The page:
Sound Effect

Saturdays at 10 AM

Sound Effect is your weekly tour of ideas, inspired by the place we live. The show is hosted by knkx's Jennifer Wing. Each week's show explores a different theme.

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Ways to Connect

Bob Turner / Flickr

This week on Sound Effect, we explore the ties that bind. We hear stories of the unique and surprising things that connect people and communities from alien languages to cigarettes.

CBS

Eric Andeen first encountered the Klingon language like most people, while watching the film "Star Trek 3: The Search For Spock" as the crew of the Enterprise contended with the Klingons, a fictional alien race. However, when he spotted a Klingon dictionary in a bookstore a few months later, Andeen took it a step further. He decided to learn Klingon. 

Kevin Kniestedt / knkx

There are some things you might only be able to notice if you happen to be an insider. If you have lived in Tacoma for any extended period of time, there is a pretty good chance that you feel a bit territorial about it. It is a city that gets told that it can't measure up to Seattle. It is often associated with a certain aroma, while residents know that the smell doesn't really exist anymore, or at least doesn't compare to how it did decades ago.

The Legacy Of Seattle's First Black Newspaper

Sep 24, 2016

For many people, community ties come from keeping up to date with the goings-on of your neighbors — someone’s graduation, a new restaurant opening up, or a long-time resident passing away. These days we mostly turn to Facebook for that sort of information.   

 

Credit Randen Pederson/Flickr

Communities can exist in almost any place – even in the alleys behind businesses where people smoke cigarettes. Smoking is, of course, very bad for you. And no smoker is deceiving themselves that they are engaging in a sort of healthy social behavior. 

Margaret Bullitt

This is what Margaret Bullitt did when she was in her 20s, living in New York and trying to launch an acting career. The Bullitts are an influential Seattle family. Coming from a family filled with people driven to do good and bring about positive change was intimidating.

“And this idea that you have to do for others and be good in the community and if you aren’t always doing for others, and doing good for the community, then somehow there’s something suspect,” says Bullitt.

Credit Yinan Chen/Creative Commons

This week on Sound Effect, we hear about changes of scenery. We bring you stories of people who were exposed to a whole different part of the world, a culture they weren't familiar with, or a lifestyle they never imagined.

The Logging Camp

Will James / knkx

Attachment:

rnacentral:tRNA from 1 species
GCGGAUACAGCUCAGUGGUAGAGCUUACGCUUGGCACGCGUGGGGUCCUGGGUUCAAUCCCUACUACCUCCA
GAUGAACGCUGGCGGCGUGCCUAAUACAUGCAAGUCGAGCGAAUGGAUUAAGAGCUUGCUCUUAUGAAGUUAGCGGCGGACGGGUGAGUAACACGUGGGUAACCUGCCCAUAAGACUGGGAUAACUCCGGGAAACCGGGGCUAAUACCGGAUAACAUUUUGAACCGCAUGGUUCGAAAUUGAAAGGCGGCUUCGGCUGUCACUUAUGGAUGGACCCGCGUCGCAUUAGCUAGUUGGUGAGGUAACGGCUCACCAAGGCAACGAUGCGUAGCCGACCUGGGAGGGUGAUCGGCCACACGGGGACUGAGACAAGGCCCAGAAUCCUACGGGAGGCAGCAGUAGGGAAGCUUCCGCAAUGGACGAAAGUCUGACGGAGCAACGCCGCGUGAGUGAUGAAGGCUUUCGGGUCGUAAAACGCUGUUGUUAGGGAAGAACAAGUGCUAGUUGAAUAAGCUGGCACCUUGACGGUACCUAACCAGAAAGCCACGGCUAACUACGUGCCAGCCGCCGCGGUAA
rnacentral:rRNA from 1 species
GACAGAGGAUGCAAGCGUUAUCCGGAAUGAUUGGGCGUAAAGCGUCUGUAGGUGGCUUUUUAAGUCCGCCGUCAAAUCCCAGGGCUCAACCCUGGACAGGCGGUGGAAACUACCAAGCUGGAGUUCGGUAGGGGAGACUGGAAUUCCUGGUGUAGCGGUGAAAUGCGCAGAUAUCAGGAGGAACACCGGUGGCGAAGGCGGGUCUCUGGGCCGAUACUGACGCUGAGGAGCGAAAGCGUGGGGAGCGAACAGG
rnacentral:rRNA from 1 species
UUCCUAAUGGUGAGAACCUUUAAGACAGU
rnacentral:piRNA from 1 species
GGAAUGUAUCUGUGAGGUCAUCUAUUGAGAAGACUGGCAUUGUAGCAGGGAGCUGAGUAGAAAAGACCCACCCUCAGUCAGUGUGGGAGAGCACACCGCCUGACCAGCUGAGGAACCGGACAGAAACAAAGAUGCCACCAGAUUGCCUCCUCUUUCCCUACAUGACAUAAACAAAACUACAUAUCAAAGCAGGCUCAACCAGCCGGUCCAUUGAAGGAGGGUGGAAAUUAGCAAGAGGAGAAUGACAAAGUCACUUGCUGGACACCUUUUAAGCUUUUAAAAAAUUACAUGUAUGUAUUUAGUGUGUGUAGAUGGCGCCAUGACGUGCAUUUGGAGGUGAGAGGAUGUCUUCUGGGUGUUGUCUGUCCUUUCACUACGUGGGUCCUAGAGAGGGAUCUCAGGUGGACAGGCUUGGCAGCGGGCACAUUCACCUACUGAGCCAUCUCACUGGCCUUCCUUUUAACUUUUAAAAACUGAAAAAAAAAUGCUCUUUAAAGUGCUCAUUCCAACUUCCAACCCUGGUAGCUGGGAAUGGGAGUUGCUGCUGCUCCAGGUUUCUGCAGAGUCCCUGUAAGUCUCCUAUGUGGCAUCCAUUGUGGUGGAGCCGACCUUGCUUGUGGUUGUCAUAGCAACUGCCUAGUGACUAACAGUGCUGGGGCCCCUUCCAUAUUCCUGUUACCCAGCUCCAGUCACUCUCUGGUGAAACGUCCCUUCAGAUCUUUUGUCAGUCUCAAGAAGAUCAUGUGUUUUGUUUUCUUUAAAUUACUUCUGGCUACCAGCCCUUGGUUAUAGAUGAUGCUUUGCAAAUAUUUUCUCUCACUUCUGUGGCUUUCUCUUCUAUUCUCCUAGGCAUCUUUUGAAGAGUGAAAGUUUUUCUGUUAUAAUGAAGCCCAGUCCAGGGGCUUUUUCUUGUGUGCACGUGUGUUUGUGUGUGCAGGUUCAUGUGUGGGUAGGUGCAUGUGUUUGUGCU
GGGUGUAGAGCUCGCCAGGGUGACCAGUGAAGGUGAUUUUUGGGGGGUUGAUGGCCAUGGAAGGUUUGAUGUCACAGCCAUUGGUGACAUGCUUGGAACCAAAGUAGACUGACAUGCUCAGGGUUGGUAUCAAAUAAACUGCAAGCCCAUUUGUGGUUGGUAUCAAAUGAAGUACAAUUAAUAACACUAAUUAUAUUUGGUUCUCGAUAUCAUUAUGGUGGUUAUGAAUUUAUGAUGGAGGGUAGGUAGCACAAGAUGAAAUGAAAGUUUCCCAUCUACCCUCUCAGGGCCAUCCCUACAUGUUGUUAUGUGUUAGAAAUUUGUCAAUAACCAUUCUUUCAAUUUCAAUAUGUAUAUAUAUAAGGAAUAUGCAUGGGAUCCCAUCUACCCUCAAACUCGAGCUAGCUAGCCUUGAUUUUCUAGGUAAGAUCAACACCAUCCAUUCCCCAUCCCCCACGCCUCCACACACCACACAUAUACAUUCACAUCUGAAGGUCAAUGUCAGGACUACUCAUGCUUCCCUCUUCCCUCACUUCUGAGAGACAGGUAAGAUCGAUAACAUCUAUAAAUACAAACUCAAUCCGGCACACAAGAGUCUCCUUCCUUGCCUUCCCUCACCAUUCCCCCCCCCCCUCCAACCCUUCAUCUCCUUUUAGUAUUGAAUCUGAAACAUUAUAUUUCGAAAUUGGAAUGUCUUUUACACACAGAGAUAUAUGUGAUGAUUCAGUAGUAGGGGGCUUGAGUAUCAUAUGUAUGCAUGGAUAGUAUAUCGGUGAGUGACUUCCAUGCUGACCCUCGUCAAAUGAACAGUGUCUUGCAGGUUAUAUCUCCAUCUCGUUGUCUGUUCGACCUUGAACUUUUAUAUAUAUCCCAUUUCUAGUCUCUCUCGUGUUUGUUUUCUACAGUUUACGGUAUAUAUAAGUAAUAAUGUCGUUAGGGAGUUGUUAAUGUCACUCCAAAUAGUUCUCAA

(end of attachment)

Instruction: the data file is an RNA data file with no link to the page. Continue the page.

Imagine growing up in a state to total innocence and freedom.

You're a child, and you have an infinity of woods and mountains to explore. You eat fresh blackberries your mother picks in the forest. All the dangers of the modern world are miles away.

Everyone in town is like an uncle, a mother, a grandmother. They dress up as Santa Claus for Christmas and stage a big egg hunt every Easter. 

Rex Hohlbine / Facing Homelesness

 

One way to get a different view and to exit your comfort zone is to trade the warm and dry home you live in for a camper van that will take you around the country to meet and help the homeless. You'll also bring your nine-year-old along for this adventure.

 

This is what Jennifer Underwood of Seattle is doing with her daughter, Rory. They are on a national tour called, “Just Say Hello.”

 

Courtesy of Paul Wager

I have never considered myself a musician. My father paid for more weeks of piano lessons for me than I was willing to attend and my stretch as a bassist in a high school rock band lasted just long enough for me to learn the bass line to Pink Floyd’s "Money." But for some reason, after turning 33, I decided to take up the drums. I took one lesson from a friend and felt more enchanted by music than I have, well, ever.

Robert Hood / Fred Hutch

Maxine Linial is a virologist at the Fred Hutchinson Cancer Research Center and one of the world's leading researchers on an obscure group of microorganisms called simian foamy viruses.

She’s been at the Hutch for 40 years looking through microscopes in the lab and studying swirling cells in petri dishes. However, that changed very suddenly five years ago.

Courtesy Erika Lee Bigelow

Erika Lee Bigelow was out for St. Patrick’s Day in Portland when she saw a card advertising a contest hosted by the beer company Guinness.  You had to write a 50-word essay finishing the sentence ‘The perfect pint of Guinness ...” The grand prize was a pub in Ireland. That’s right, you could win your own pub. So she wrote her essay:

Used With Permission Of Jason Padgett / struckbygenius.com

This week on Sound Effect, we listen back to stories of survivors.

Silver Linings

used with permission of Jason Padgett / struckbygenius.com

Sound Effect's Gabriel Spitzer talks with Tacoma resident Jason Padgett about the night he was mugged outside a Tacoma karaoke bar, and how that incident changed the trajectory of his life.

Padgett suffered a concussion in the attack, as well as internal injuries. He also developed post-traumatic stress disorder and obsessive compulsive disorder.

Courtesy of Autumn Rusch

Autumn Rusch was born with holes in her heart – so many, that her cardiologist described it as looking like it had been shot with a BB gun. As she grew up, her condition worsened. She was hospitalized for weeks on end, and her heart would at times reach an unimaginable 300 beats per minute. At the age of 14, she was given a new heart that would prove a great match. She recently celebrated her 20-year anniversary with it.

Gabriel Spitzer

In 2004, the city of Seattle installed five, high-tech, self-cleaning public toilets at a cost of $5 million. The toilets -- which opened at the push of a button disinfected themselves automatically -- were hailed as public service that would need little in extra staff hours to maintain.

It didn't turn out exactly like that.

Ashley Gross / KPLU